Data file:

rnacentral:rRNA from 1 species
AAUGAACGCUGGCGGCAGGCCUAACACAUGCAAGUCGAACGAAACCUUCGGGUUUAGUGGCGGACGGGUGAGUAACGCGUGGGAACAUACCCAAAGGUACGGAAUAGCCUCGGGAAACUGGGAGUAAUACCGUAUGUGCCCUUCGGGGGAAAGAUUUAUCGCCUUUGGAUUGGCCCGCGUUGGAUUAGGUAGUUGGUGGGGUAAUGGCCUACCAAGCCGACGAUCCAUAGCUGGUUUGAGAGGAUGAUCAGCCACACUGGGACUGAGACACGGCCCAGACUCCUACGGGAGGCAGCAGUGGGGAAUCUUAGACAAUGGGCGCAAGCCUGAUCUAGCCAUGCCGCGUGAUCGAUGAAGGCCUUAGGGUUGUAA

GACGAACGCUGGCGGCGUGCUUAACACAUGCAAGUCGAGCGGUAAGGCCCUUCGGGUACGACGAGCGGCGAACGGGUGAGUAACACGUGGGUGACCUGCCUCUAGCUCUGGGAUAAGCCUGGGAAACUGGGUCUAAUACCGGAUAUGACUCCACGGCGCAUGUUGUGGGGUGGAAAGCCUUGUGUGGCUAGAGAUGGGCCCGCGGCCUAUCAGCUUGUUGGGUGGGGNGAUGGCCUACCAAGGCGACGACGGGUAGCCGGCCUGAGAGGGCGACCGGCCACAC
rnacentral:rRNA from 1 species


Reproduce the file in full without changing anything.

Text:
rnacentral:rRNA from 1 species
AAUGAACGCUGGCGGCAGGCCUAACACAUGCAAGUCGAACGAAACCUUCGGGUUUAGUGGCGGACGGGUGAGUAACGCGUGGGAACAUACCCAAAGGUACGGAAUAGCCUCGGGAAACUGGGAGUAAUACCGUAUGUGCCCUUCGGGGGAAAGAUUUAUCGCCUUUGGAUUGGCCCGCGUUGGAUUAGGUAGUUGGUGGGGUAAUGGCCUACCAAGCCGACGAUCCAUAGCUGGUUUGAGAGGAUGAUCAGCCACACUGGGACUGAGACACGGCCCAGACUCCUACGGGAGGCAGCAGUGGGGAAUCUUAGACAAUGGGCGCAAGCCUGAUCUAGCCAUGCCGCGUGAUCGAUGAAGGCCUUAGGGUUGUAA

GACGAACGCUGGCGGCGUGCUUAACACAUGCAAGUCGAGCGGUAAGGCCCUUCGGGUACGACGAGCGGCGAACGGGUGAGUAACACGUGGGUGACCUGCCUCUAGCUCUGGGAUAAGCCUGGGAAACUGGGUCUAAUACCGGAUAUGACUCCACGGCGCAUGUUGUGGGGUGGAAAGCCUUGUGUGGCUAGAGAUGGGCCCGCGGCCUAUCAGCUUGUUGGGUGGGGNGAUGGCCUACCAAGGCGACGACGGGUAGCCGGCCUGAGAGGGCGACCGGCCACAC
rnacentral:rRNA from 1 species